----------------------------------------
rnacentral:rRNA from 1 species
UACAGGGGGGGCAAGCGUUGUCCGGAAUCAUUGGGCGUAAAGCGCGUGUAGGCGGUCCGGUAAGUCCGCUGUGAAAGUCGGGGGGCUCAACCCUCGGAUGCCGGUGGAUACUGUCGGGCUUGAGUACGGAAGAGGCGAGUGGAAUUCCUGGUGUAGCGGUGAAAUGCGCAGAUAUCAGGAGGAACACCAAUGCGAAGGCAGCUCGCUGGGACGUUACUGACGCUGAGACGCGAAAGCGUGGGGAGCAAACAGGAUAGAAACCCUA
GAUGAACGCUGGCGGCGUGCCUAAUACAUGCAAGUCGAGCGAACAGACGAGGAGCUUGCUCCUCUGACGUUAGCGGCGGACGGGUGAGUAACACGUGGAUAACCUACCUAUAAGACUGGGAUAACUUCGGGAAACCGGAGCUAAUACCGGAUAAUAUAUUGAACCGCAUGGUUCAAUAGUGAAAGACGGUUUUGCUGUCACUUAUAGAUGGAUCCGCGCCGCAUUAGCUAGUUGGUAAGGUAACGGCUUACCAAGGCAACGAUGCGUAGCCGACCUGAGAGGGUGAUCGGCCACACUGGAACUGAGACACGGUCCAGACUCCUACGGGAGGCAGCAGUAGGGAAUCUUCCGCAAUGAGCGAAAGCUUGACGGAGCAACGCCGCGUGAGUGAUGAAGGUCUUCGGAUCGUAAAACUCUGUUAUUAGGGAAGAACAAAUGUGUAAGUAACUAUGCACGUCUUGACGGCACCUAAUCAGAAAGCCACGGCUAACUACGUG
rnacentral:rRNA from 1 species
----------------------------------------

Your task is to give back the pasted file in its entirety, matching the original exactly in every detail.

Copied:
rnacentral:rRNA from 1 species
UACAGGGGGGGCAAGCGUUGUCCGGAAUCAUUGGGCGUAAAGCGCGUGUAGGCGGUCCGGUAAGUCCGCUGUGAAAGUCGGGGGGCUCAACCCUCGGAUGCCGGUGGAUACUGUCGGGCUUGAGUACGGAAGAGGCGAGUGGAAUUCCUGGUGUAGCGGUGAAAUGCGCAGAUAUCAGGAGGAACACCAAUGCGAAGGCAGCUCGCUGGGACGUUACUGACGCUGAGACGCGAAAGCGUGGGGAGCAAACAGGAUAGAAACCCUA
GAUGAACGCUGGCGGCGUGCCUAAUACAUGCAAGUCGAGCGAACAGACGAGGAGCUUGCUCCUCUGACGUUAGCGGCGGACGGGUGAGUAACACGUGGAUAACCUACCUAUAAGACUGGGAUAACUUCGGGAAACCGGAGCUAAUACCGGAUAAUAUAUUGAACCGCAUGGUUCAAUAGUGAAAGACGGUUUUGCUGUCACUUAUAGAUGGAUCCGCGCCGCAUUAGCUAGUUGGUAAGGUAACGGCUUACCAAGGCAACGAUGCGUAGCCGACCUGAGAGGGUGAUCGGCCACACUGGAACUGAGACACGGUCCAGACUCCUACGGGAGGCAGCAGUAGGGAAUCUUCCGCAAUGAGCGAAAGCUUGACGGAGCAACGCCGCGUGAGUGAUGAAGGUCUUCGGAUCGUAAAACUCUGUUAUUAGGGAAGAACAAAUGUGUAAGUAACUAUGCACGUCUUGACGGCACCUAAUCAGAAAGCCACGGCUAACUACGUG
rnacentral:rRNA from 1 species